1. The question that falls for decision in this case is whether item 46 of the Central Excise Tariff relating to metal containers, as introduced by the Finance Bill, 1970, included flattened or folded containers.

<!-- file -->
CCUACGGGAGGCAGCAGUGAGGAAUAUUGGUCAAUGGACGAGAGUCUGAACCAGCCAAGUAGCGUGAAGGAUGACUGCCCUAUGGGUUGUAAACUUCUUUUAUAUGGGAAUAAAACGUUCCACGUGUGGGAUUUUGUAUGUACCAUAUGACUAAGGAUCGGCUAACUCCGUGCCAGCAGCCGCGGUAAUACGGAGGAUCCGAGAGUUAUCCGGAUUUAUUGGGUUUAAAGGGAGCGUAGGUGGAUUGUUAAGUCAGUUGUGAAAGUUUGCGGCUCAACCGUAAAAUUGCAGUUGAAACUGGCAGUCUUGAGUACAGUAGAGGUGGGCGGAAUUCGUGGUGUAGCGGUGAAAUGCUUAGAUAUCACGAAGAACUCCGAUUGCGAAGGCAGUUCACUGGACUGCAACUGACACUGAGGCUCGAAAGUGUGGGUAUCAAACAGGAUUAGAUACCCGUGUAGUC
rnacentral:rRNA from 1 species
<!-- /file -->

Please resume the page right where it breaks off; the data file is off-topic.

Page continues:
2. The case has an interesting history. Soon after the introduction of tariff item 46, some doubt was felt whether flattened or folded containers were covered within its scope. The appellants paid duty on two consignments of such containers cleared on 10-3-1970. On 21-4-1970, Central Excise Officer informed them by a letter that since flattened cans were treated non-excisable at that time, the payment of duty by the appellants was not in order and that they should, therefore, apply for refund of the same. Then came notification No. 96/70-C.E., dated 1-5-1970 which fully exempted metal containers re-formed out of duty-paid flattened containers or folded containers. This seems to have set the central excise authorities to reconsider their earlier view. On 18-12-1970, they collected particulars of flattened or folded containers cleared by the appellants without payment of duty and on 22-2-1971 12 demands in form D.D. 2, totalling Rs. 55.005/-, with a forwarding letter of the same date were issued to them. The appellants were able to collect the duty demanded from some of their customers and accordingly they paid 8 out of these 12 demands. In respect of the remaining 4 demands, 2 of their customers stated that they had already paid duty when they re-formed the containers. The remaining 2 customers maintained that their containers were exempt from duty on one ground or the other. The appellants did not pay these 4 demands but went in appeal against them to the Appellate Collector. The Appellate Collector remanded the matter to the Assistant Collector for a fresh decision after taking into consideration the objections of the appellants against the demands. On re-consideration, the Assistant Collector confirmed the 4 demands. In appeal, the Appellate Collector upheld the Assistant Collector's order but gave relief to the extent of duty already paid, if any, by the customers on re-formed containers. In revision, the Government of India maintained the appellate order holding, inter alia, "the commodity "Metal Containers" from the day of inclusion of the same in the Central Excise Tariff as Item 46 included containers known commercially as flattened or folded containers, and accordingly the Tariff description of the commodity being very clear and specific, there was no reason for the petitioners for being mis-guided and for them to feel that flattened containers were not dutiable at their end." The appellants thereupon filed an Original Petition in Kerala High Court. The High Court observed that the possibility of the Central Government having made a mistake in considering the matter in the light of tariff item 46 as amended in 1971 (when flattened or folded containers were specifically included therein) could not be ruled out. The High Court directed that the appellants should be given another opportunity to argue their case with reference to the right tariff item and the relevant evidence which they may want to adduce and for this purpose remanded the matter back to the Central Government. The said proceedings, on transfer to this Tribunal, have been taken up as the present appeal.